Multilectual Daily Online Magazine focusing on World Architecture, Travel, Photography, Interior Design, Vintage and Contemporary Fiction, Political cartoons, Craft Beer, All things Espresso, International coffee/ cafe's, occasional centrist politics and San Diego's Historic North Park by award-winning journalist Tom Shess
Sunday, December 29, 2019
SUNDAY REVIEW / POETRY EXCERPT 2019 NATIONAL BOOK AWARD WINNER
The winners of the
National Book awards for 2019 were announced on November 20 at a ceremony in New
York City at Cipriani Wall Street restaurant.Today’s post offers an excerpt from winning poetry Sight Lines by Arthur Sze.
the current phenomenon of drawing calligraphy with water in public parks in
China to Thomas Jefferson laying out dinosaur bones on the White House floor,
the last sighting of the axolotl to a man who stops building plutonium
triggers, Sight Lines moves through space and time and brings the disparate and
divergent into stunning and meaningful focus. In this new work, Arthur Sze
employs a wide range of voices―from lichen on a ceiling to a man behind on his rent―and his mythic
imagination continually evokes how humans are endangering the planet; yet,
balancing rigor with passion, he seizes the significant and luminous and
transforms these moments into riveting and enduring poetry.
Sight Lines is Sze's 10th collection are just that―imagistic lines strung
together by jump-cuts, creating a filmic collage that itself seems to be a
portrait of simultaneity..." ―The New
new poems are stronger yet and by confronting time head-on, may best stand its
tests." ―Lit Hub
is poetry of assemblage, where violence and beauty combine and hang on Sze's
particular gift for the leaping non sequitur. ‘Green tips of tulips are rising
out of the earth— / you don't flense a whale or fire at beer cans / in an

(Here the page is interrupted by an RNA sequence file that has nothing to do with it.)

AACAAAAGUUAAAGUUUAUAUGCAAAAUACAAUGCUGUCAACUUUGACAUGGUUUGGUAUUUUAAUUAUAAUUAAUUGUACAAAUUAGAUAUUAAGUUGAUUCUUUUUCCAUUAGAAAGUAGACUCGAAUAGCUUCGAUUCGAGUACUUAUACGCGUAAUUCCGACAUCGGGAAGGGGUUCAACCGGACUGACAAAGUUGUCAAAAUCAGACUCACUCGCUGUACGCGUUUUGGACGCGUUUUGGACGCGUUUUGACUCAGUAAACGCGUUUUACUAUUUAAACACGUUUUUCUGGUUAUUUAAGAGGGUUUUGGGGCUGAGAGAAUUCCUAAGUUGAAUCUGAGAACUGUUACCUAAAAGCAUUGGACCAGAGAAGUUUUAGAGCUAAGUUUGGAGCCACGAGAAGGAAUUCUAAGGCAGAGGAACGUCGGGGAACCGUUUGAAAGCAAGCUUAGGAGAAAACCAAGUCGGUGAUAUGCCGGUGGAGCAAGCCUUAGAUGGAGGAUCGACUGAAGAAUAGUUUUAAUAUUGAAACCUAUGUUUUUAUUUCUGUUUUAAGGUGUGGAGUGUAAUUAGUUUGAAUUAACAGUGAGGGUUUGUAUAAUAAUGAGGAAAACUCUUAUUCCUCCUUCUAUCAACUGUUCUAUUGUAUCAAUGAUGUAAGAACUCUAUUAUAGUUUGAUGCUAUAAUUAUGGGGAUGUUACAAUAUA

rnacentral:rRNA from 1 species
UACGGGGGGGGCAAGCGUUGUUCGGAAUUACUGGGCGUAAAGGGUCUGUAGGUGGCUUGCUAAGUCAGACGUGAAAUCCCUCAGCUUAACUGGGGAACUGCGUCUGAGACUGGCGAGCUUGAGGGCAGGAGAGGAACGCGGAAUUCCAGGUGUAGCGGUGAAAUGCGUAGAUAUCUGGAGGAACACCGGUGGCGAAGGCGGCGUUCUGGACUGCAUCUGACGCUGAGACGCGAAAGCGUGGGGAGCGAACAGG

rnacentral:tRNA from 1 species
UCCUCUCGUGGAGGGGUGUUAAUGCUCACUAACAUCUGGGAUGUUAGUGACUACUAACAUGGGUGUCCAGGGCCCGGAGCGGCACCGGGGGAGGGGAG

arroyo but catch the budding / tips of pear branches and wonder,’ Sze
writes. Inside these poems of billowing consciousness, we too are alive to a
spectrum of wonders.--The New York Times Book Review - Tess Taylor
wonders and realities of the world as seen through travel, nature walks, and
daily routine bring life to the poems in Sight Lines." ―Library Journal
Sze writes with a quiet mastery which generates beautiful, sensuous, inventive,
and emotionally rich poems. Sight Lines unfurls like ink in water, circulating
through meditations on the natural world; the pleasure and associational depth
of eating food; and the profound constitutions of self through memory, human
relationships, and experience of the actual world. A keen awareness arises of
structural, environmental, and social threats in the midst of this expansive
Tigris River, left.
browse at sunrise in an apple orchard,
honey locust leaves litter the walk.
neighbor hears gunshots in the bosque
wonders who's firing at close range;
spot bear prints near the Pojoaque River
see no sign of the reported mountain lion.
chlorophyll slips into the roots of a cottonwood
the leaves burst into yellow gold, I wonder,
our mortal flare? You can travel
where the Tigris and Euphrates flow together
admire the inventions of people living
floating islands of reeds; you can travel
an archipelago and hike among volcanic
steaming with water and sulfuric acid;
you can't change the eventual, adamant body.
death might not come like a curare-
dart blown out of a tube or slam
you like surf breaking over black lava rock,
will come—it will come—and it unites us—
sister, boxer, spinner—in this pact,
you inscribe a letter with trembling hand.
light illuminating white steps, light
a garage door, darkness inside windows—
the darkness exposes the tenuous.
glass blower shapes a rearing horse
shifts, on a stand, from glowing orange
glistening crystal; suddenly the horse
into legs, head, body, mane.
midnight, “Fucking idiot!” a woman yells,
the house; along a hedge,
man sleeps, coat over head, legs sticking out;
at 8 am, morning glories open
a fence; a backhoe heads up the street.
this window, he views banana leaves,
orange tree with five oranges, house
shingled roofs, and steps leading
an upstairs apartment; farther off, palm trees,
beyond, a sloping street, ocean, sky;
what line of sight leads to revelation?
tips of tulips are rising out of the earth—
don’t flense a whale or fire at beer cans
an arroyo but catch the budding
of pear branches and wonder what
like to live along a purling edge of spring.
once tried to assemble a mastodon
on the White House floor but,
pieces missing, failed to sequence the bones;
the last speaker of a language dies,
hue vanishes from the spectrum of visible light.